As you might know by now, my name is Gayel Philwaki. Every smart ass who asks me what kind of name that is, I reply that it simply is mine and I quickly follow by a yomama joke out of my never-ending repertoire of motherly witticism.

“Yo mama’s so fat, she went to the movies and sat next to everyone.”

I grew up with a group of friends who, over the years, chose to affiliate with the fine arts becoming poets, musicians, painters and writers. We were a group with a cherished friendship who stood by each other, supported each other’s work and who spent evenings discussing aesthetics over a Street Fighter bash in the living room. We were boys of our times, dictated by what marked the era, yet occasionally we felt misplaced, cultured in a civilization of barbarians. Nonetheless, we always thought we were just like any other kids; never snobby and invariably humble.

My father, a great man by virtue and a theater director by profession, always reminded me of the fact that art doesn’t pay. It was his way of telling me to really consider my choice should I ever choose for the workshop instead of the desk. My friends, in their post-adolescence, witnessed the practical applicability of my father’s words. Confronted by the financial hardships of artistry, they spent their days working for tap water and instant noodles.

What my friends quickly realized however was that paying their bills with their work had a better chance of being achieved in unison. Soon after they formed a collective, bundling their skills and network under one single name.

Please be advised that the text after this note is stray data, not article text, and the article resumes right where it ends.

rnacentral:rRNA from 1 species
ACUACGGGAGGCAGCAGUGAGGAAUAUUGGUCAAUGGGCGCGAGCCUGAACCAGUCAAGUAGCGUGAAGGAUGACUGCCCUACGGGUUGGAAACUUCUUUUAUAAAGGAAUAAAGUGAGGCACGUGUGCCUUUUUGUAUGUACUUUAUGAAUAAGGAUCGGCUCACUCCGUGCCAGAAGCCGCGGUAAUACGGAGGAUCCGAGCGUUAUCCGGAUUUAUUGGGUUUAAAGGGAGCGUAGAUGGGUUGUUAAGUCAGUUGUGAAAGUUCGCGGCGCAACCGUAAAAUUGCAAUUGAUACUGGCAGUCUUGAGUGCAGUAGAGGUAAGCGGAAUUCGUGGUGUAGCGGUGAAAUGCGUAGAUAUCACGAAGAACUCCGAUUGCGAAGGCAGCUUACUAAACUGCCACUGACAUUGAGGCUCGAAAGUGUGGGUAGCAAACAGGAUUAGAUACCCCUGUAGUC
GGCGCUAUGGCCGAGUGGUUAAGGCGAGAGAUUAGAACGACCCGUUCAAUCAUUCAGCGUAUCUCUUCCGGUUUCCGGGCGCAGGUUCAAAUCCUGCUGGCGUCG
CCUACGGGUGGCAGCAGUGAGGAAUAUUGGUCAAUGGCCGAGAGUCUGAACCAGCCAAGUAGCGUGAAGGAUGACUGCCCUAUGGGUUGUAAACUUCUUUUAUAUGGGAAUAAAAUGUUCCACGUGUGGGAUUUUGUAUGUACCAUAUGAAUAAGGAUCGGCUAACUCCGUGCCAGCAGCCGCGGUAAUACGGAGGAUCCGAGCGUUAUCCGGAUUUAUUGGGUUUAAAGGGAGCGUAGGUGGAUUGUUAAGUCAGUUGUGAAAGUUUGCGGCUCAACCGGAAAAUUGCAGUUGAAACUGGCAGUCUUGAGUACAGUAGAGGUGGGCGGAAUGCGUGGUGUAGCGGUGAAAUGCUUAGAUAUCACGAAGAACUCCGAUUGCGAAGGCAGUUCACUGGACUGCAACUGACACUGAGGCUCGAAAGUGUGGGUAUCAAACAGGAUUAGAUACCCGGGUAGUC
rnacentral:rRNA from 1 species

As much as I loved beauty and the subtlety and sophistication of the creative skill, I on the other hand didn’t enroll in art school but traded the brush and the pen for the rigidity of legislature and jurisprudence: I went to law school. During our college years, as my friends paid their tuition with published stories and gallery expositions, I was spending my days going through drafts and directives over a cheap cup of coffee in the library. In the evenings, we met almost on a daily basis in what we called “The Brazilian”: a café where cigarette smoke danced on Bebop between young intellectuals, academics and journalists. While my friends proudly boasted about their work, I drank my beer reminiscing of case law and European regulations. As our college years passed by, it appeared that I was becoming the misfit of the group…until post-graduation.

“Yo mama’s so ugly, she made an onion cry.”

As the collective started handling its work on a professional basis, gaining slight fame and reputation, unexpected problems occurred more frequently which were beyond my friends’ understanding. Issues of neighboring rights, copy, distribution rights and liabilities under contract threatened to destroy their work and spirit. In an artist’s mind, the legal gibberish is a horrifying tail to his work; one he does not want to care about at all. Hence, when I graduated from law school, the misfit became the perfect fit: I joined my friends as their lawyer. Whatever they created, I made it fit for a system built on rules and economic fundamentals. In other words, I became the mother clueless kids in trouble came running to.

“Yo mama’s like a hardware store: only ten cents a screw.”

Hence started a life of unpredictability and freedom, which is the life lived through the passion for the immaterial. You are about to read our stories; a collection of our pleasures and pains through a shared momentum; an undefined goal on the beautiful and humble side of life.

Signed: Gayel Philwaki